Don’t let Amundsen’s self-deprecating humor fool you into taking this book lightly. In between capers, she makes a nuanced...

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LOCALLY LAID

HOW WE BUILT A PLUCKY, INDUSTRY-CHANGING EGG FARM--FROM SCRATCH

One family’s attempt to get out of the rat race and into the poultry race.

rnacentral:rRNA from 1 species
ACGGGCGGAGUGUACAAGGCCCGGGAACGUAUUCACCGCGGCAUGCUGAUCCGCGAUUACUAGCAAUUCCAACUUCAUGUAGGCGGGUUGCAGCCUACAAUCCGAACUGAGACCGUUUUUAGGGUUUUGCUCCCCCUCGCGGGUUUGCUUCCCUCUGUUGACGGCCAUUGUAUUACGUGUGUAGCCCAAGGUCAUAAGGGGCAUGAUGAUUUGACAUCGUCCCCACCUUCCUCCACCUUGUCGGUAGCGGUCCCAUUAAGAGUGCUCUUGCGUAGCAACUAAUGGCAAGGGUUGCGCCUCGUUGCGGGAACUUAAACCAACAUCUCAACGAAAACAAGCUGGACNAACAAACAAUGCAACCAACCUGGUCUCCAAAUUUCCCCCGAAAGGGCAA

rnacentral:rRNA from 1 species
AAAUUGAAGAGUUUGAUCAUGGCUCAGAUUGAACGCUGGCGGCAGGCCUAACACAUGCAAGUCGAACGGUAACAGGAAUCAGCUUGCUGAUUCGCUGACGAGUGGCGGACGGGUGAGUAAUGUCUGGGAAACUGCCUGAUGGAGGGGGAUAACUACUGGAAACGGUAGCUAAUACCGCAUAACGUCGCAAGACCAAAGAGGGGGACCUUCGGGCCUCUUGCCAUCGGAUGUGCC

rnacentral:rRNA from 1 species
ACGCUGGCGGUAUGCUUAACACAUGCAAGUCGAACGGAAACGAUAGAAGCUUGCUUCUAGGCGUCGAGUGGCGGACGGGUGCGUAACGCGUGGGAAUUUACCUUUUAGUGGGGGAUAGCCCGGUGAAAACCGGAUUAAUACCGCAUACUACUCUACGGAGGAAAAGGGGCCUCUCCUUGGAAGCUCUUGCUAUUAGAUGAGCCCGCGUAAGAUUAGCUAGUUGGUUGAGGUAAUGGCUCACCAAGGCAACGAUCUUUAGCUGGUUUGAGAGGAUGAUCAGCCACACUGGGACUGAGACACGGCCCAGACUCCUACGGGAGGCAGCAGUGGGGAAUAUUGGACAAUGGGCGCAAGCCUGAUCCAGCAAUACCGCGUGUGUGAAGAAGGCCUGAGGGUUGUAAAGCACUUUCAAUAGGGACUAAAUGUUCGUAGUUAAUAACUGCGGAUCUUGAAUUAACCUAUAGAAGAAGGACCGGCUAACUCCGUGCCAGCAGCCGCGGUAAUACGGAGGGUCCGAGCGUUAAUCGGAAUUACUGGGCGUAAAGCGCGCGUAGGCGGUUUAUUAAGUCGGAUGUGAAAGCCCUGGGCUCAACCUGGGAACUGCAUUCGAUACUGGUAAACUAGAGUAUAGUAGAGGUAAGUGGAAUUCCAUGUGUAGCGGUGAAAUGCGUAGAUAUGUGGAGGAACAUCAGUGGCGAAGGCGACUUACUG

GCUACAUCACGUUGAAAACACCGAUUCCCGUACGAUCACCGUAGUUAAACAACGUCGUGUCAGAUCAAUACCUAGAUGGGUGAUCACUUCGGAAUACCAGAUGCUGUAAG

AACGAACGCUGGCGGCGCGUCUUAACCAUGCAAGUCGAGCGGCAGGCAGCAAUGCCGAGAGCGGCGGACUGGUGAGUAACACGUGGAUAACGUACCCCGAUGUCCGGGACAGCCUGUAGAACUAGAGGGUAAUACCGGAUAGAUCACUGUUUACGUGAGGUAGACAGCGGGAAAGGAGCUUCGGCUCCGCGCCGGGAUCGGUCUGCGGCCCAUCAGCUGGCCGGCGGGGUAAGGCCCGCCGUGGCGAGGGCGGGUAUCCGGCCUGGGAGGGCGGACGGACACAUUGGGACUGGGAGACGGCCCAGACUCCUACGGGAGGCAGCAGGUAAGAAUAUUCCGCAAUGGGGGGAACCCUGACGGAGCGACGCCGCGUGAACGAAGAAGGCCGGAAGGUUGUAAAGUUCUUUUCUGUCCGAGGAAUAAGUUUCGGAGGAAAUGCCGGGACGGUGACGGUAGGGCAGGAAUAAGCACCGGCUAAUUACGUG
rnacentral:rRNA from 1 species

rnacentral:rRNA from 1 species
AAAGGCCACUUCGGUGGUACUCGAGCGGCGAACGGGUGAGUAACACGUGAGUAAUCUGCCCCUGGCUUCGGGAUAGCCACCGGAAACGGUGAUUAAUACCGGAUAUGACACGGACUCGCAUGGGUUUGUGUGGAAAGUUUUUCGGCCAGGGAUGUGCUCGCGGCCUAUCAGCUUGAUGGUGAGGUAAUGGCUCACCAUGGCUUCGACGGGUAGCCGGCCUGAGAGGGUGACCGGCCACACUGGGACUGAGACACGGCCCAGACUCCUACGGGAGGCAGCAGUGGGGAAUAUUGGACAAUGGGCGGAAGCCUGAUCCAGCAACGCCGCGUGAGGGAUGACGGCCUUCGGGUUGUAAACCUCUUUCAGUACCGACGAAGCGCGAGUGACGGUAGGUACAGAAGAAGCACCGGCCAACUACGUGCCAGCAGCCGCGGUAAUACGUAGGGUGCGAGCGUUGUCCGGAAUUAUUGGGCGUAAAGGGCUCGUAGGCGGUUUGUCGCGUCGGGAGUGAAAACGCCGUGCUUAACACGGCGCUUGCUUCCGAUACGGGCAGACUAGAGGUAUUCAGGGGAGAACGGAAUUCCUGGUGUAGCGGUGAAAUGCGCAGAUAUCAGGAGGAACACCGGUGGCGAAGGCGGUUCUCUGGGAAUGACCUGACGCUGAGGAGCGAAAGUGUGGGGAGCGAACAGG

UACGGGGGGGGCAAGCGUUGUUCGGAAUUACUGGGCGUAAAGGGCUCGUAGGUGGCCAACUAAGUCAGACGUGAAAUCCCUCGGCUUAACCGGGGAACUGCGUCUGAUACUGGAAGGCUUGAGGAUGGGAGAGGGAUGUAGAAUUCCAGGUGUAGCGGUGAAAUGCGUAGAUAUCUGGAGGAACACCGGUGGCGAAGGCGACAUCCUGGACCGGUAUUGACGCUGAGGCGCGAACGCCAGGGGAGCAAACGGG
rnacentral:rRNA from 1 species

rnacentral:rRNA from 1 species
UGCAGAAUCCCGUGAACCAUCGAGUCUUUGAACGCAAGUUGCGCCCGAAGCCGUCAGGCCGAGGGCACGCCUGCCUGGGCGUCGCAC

For years, former Reader’s Digest Association editor and Minneapolis Star Tribune contributor Amundsen and her husband, Jason, were just a normal, educated middle-class couple with middle-class lives in the middle of America. Despite this, readers will root for them because they dreamed of something other than being—well—in the middle. They decided to vacate a seemingly underwhelming existence and embark on a journey through “middle agriculture,” those farms situated between factory farms and boutique operations. The idealism of Amundsen’s husband became the fulcrum on which their lives began to pivot. Driven by decency and principled morals—and perhaps the likelihood of suffering a “boredom aneurysm” in their “Beige Rambler” Amundsen considered her “forever house”—Jason proposed to start a midsized, commercial, pasture-raised egg farm even though their main experience in egg farming consisted of caring for a few pet hens who lived in their garage. The book opens with a scene of their first shipment of commercially raised chickens that don’t quite know how to be chickens (“until today, they have NEVER SEEN THE SUN”). As we soon learn, the Amundsens don’t quite know how to be chicken farmers. The author’s skepticism and her husband’s optimism collide to create a laughable, empathetic tale of re-education for (wo)man and beast. Behind the humor, however, Amundsen reveals the complex and sometimes-alarming methods by which farms operate in the U.S. The author ably synthesizes a large amount of detailed information, including the important differences among pasture-raised, organic, and cage-free eggs. She also shows how her family’s struggle in the amorphous landscape between big agriculture and small-scale farming is not unlike the struggle of the American middle class in general.